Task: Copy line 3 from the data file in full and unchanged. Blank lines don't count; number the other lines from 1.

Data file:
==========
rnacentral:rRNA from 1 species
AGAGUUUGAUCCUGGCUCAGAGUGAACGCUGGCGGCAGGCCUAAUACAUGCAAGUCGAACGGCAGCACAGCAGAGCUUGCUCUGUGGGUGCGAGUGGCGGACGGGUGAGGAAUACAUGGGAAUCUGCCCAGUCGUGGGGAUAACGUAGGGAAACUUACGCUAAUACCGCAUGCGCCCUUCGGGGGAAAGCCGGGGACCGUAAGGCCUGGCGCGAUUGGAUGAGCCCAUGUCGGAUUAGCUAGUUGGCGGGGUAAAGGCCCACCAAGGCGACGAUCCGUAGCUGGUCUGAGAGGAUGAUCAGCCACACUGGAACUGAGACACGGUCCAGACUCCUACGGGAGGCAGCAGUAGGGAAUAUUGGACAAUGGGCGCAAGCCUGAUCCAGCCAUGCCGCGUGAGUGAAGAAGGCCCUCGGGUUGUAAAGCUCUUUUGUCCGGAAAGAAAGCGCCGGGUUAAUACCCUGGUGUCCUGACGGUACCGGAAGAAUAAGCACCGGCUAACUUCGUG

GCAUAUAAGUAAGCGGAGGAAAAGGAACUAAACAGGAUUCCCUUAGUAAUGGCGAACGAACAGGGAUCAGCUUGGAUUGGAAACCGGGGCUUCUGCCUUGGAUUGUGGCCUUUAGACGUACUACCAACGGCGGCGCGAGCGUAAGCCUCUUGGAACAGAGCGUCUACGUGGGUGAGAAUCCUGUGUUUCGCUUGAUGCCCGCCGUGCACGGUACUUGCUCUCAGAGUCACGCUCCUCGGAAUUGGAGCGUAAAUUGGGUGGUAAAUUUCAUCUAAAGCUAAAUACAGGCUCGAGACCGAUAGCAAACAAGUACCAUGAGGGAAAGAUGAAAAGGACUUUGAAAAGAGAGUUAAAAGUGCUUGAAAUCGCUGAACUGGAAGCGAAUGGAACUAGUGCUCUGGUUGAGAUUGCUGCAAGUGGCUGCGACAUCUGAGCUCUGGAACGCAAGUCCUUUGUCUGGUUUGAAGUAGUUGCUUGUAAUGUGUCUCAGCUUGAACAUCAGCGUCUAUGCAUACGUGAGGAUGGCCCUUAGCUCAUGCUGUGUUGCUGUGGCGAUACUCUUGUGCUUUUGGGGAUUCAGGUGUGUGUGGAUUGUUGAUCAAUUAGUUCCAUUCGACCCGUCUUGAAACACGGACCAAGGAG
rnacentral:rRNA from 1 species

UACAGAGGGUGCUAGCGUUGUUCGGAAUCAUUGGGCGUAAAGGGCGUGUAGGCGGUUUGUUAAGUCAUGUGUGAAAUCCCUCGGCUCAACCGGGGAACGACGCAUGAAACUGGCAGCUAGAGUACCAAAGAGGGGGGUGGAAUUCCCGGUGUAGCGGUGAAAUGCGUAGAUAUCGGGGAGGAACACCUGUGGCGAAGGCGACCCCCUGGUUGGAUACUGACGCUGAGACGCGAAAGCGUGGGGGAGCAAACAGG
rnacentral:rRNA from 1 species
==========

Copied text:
GCAUAUAAGUAAGCGGAGGAAAAGGAACUAAACAGGAUUCCCUUAGUAAUGGCGAACGAACAGGGAUCAGCUUGGAUUGGAAACCGGGGCUUCUGCCUUGGAUUGUGGCCUUUAGACGUACUACCAACGGCGGCGCGAGCGUAAGCCUCUUGGAACAGAGCGUCUACGUGGGUGAGAAUCCUGUGUUUCGCUUGAUGCCCGCCGUGCACGGUACUUGCUCUCAGAGUCACGCUCCUCGGAAUUGGAGCGUAAAUUGGGUGGUAAAUUUCAUCUAAAGCUAAAUACAGGCUCGAGACCGAUAGCAAACAAGUACCAUGAGGGAAAGAUGAAAAGGACUUUGAAAAGAGAGUUAAAAGUGCUUGAAAUCGCUGAACUGGAAGCGAAUGGAACUAGUGCUCUGGUUGAGAUUGCUGCAAGUGGCUGCGACAUCUGAGCUCUGGAACGCAAGUCCUUUGUCUGGUUUGAAGUAGUUGCUUGUAAUGUGUCUCAGCUUGAACAUCAGCGUCUAUGCAUACGUGAGGAUGGCCCUUAGCUCAUGCUGUGUUGCUGUGGCGAUACUCUUGUGCUUUUGGGGAUUCAGGUGUGUGUGGAUUGUUGAUCAAUUAGUUCCAUUCGACCCGUCUUGAAACACGGACCAAGGAG